U.S. task force: End routine prostate cancer screening

A task force advising the U.S. government on Monday recommended against routine use of the prostate-cancer screening test called PSA, or prostate specific antigen, for lack of a discernible health benefit.

Like a draft proposal last October, the U.S. Preventive Services Task Force gave PSA screening a D, for “don’t recommend” in healthy men.

The reaction was fast and furious. Screening advocates warned that the recommendation will cost lives, but critics of PSA testing said thousands of men will be spared impotence and incontinence as a result of needless cancer treatment.

A D means there is “moderate or high certainty” that a procedure has no net benefit or that harms outweigh benefits. It is a downgrade from the panel’s last PSA recommendation, in 2008, which said the evidence was insufficient to assess the procedure’s risks and benefits, although PSA screening for men 75 and older was not recommended.

Now, however, “there is convincing evidence that the number of men who avoid dying of prostate cancer because of screening after 10 to 14 years is, at best, very small,” the task force said in the May 22 issue of the Annals of Internal Medicine. Doctors, therefore, should discourage it.

The recommendation does not preclude men from asking for PSA screening, or doctors from offering it. But it could affect whether insurers, including the government’s Medicare program, cover the test’s $60 to $80 cost.

Prostate-Specific Antigen (PSA) Test
- Prostate-specific antigen (PSA) is a protein produced by cells of the prostate gland. The PSA test measures the level of PSA in the blood.
- The U.S. Food and Drug Administration (FDA) has approved the use of the PSA test along with a digital rectal exam to help detect prostate cancer in men age 50 and older. The FDA has also approved the PSA test to monitor patients with a history of prostate cancer to see if the cancer has recurred (come back).

- Doctors’ recommendations for PSA screening vary.

- The higher a man’s PSA level, the more likely it is that cancer is present, but there are other possible reasons for an elevated PSA level.

- Doctors take several factors into account for men who have a rising PSA level after treatment for prostate cancer.

- The PSA test for screening has limitations and is still controversial.

- Researchers are studying ways to validate and improve the PSA test and to find other ways of detecting prostate cancer early.

The only other screening method is the old-fashioned digital rectal exam, which cannot detect small, early cancers. Neither the exam nor PSA can distinguish slow-growing from aggressive cancers.

About one in six American men will be diagnosed with prostate cancer during his life; 2.8 percent, or a projected 28,000 this year, will die of it. Many cases pose no risk even without treatment. Research has shown that between one-quarter and one-third of 60-something men have prostate cancer, often without knowing it. Three-quarters of men older than 85 years have prostate cancer but few die of it.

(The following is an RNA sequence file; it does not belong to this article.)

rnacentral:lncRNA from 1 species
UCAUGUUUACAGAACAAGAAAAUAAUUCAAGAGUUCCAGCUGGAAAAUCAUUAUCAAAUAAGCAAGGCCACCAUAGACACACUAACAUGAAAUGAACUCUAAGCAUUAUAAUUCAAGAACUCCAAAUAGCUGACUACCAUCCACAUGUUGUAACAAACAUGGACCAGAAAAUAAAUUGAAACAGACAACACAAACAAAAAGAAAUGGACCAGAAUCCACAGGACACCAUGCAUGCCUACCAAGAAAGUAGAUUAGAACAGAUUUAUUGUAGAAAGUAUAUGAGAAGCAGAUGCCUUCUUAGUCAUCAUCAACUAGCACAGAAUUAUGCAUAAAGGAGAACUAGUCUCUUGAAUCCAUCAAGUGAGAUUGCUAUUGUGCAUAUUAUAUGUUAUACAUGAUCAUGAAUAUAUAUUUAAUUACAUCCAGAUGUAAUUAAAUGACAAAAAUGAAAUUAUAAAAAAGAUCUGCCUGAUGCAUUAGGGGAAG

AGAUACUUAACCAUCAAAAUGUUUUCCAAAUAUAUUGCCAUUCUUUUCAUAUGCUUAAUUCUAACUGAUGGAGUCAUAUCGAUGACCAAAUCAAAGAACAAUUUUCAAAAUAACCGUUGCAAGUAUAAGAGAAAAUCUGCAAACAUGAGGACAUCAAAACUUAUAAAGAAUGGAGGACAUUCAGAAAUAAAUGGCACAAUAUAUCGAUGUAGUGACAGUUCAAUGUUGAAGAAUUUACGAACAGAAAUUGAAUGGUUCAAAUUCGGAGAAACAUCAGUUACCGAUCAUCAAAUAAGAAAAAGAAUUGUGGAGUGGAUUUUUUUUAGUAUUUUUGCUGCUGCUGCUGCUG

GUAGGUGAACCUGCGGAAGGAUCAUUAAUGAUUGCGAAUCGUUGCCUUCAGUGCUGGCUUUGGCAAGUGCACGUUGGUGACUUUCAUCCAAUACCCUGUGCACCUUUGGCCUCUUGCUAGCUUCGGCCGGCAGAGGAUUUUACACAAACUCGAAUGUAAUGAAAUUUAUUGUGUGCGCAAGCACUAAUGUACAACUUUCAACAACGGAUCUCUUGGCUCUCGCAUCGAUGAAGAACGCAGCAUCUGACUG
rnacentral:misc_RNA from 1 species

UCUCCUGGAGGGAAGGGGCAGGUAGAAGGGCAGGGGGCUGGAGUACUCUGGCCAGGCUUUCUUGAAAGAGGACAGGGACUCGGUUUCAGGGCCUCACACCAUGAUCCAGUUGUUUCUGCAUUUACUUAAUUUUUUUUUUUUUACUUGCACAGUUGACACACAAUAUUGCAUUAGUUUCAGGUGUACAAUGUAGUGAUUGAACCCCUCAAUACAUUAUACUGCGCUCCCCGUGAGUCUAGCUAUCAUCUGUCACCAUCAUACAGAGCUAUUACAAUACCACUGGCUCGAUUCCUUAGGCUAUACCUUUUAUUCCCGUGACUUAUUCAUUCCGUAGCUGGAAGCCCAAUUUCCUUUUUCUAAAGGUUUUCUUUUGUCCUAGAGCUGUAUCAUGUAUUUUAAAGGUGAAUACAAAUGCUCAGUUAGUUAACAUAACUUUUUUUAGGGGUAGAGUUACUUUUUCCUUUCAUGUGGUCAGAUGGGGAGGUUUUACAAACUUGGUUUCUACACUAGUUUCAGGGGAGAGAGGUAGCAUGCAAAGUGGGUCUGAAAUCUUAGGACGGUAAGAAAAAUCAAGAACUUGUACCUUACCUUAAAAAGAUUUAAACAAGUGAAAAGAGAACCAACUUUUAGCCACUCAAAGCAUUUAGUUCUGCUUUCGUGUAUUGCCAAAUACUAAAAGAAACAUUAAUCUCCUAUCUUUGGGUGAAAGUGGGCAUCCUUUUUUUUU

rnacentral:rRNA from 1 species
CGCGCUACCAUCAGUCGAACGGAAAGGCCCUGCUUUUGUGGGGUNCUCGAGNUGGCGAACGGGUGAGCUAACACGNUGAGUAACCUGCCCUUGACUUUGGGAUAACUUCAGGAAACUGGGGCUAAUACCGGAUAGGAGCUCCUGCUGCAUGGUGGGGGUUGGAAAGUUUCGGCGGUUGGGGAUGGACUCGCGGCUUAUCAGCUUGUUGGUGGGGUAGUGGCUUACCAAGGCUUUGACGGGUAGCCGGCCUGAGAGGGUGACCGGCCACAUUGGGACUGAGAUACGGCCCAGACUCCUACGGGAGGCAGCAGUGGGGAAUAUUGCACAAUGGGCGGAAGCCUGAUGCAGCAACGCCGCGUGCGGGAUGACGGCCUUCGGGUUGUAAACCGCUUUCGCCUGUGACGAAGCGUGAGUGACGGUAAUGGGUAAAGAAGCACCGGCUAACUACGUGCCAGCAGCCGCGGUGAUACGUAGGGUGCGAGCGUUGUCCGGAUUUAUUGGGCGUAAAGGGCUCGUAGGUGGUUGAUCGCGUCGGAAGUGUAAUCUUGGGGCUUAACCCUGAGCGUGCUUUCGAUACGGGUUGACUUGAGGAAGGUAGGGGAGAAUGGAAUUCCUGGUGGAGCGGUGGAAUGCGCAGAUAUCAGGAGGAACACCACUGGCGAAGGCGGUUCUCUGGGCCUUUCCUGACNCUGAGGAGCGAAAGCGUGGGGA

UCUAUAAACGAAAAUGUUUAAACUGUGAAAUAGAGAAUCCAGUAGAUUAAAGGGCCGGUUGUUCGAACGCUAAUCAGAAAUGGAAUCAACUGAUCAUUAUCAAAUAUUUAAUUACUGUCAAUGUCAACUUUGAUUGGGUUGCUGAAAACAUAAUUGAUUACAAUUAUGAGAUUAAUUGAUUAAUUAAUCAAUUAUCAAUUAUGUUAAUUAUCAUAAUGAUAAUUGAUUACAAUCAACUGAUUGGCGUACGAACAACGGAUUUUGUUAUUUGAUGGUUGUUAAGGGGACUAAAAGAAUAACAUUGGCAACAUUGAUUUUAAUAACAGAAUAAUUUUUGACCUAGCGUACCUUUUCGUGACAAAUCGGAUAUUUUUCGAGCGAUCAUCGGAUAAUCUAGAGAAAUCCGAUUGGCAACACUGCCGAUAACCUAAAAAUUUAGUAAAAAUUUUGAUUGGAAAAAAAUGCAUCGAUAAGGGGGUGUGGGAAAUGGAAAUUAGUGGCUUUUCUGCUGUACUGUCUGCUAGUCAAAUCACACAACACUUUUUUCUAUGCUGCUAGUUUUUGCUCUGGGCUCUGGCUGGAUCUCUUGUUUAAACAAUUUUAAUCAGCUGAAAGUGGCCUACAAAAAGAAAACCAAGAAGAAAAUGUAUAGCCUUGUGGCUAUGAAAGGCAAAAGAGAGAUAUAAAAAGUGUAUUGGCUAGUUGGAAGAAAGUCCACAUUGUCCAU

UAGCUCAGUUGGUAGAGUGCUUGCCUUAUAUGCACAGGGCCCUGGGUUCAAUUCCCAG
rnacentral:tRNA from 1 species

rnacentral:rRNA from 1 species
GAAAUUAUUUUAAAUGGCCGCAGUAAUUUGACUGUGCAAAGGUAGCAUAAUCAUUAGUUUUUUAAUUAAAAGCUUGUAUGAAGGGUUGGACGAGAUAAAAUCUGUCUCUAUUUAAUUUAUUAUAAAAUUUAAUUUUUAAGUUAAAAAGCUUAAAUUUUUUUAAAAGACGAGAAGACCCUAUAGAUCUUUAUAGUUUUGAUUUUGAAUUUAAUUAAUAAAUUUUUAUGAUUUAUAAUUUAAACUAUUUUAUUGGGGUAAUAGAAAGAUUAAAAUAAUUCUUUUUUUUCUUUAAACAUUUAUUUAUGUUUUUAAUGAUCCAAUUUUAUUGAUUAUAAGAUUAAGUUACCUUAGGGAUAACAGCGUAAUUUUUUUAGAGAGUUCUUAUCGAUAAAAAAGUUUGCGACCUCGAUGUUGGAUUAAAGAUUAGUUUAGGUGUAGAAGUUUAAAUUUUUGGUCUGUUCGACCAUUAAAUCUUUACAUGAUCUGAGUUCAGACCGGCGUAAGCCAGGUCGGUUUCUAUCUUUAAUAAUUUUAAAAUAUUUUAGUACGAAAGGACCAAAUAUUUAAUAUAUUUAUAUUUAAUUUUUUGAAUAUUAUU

PSA, a blood test, is a poor screening tool because PSA levels can rise for reasons unrelated to cancer, including age and prostate enlargement. Yet an elevated PSA level can trigger a biopsy to check for cancer.

Most biopsies show no cancer, which means the PSA was a false positive. But prostate biopsies that detect cancer do so based on research from the 1840s, explained Dr. Otis Brawley, chief medical officer of the American Cancer Society.

“As many as 70 percent of these lesions are cancer only by this antiquated definition and not in behavior,” he said. That is, they are indolent or inert and will not threaten a man’s health or life.

What is the prostate-specific antigen (PSA) test?

Prostate-specific antigen (PSA) is a protein produced by cells of the prostate gland. The PSA test measures the level of PSA in the blood. The doctor takes a blood sample, and the amount of PSA is measured in a laboratory. Because PSA is produced by the body and can be used to detect disease, it is sometimes called a biological marker or a tumor marker.

It is normal for men to have a low level of PSA in their blood; however, prostate cancer or benign (not cancerous) conditions can increase a man’s PSA level. As men age, both benign prostate conditions and prostate cancer become more common. The most frequent benign prostate conditions are prostatitis (inflammation of the prostate) and benign prostatic hyperplasia (BPH) (enlargement of the prostate). There is no evidence that prostatitis or BPH causes cancer, but it is possible for a man to have one or both of these conditions and to develop prostate cancer as well.

A man’s PSA level alone does not give doctors enough information to distinguish between benign prostate conditions and cancer. However, the doctor will take the result of the PSA test into account when deciding whether to check further for signs of prostate cancer.

Radiation oncologist Anthony D’Amico of Dana-Farber Cancer Institute in Boston acknowledges that PSA screening causes overdiagnosis, “but if you get rid of the PSA test, men will suffer and die of prostate cancer,” he said.

“I’m shocked that they would let people die in order to avoid incontinence and erectile dysfunction, which can be corrected.”

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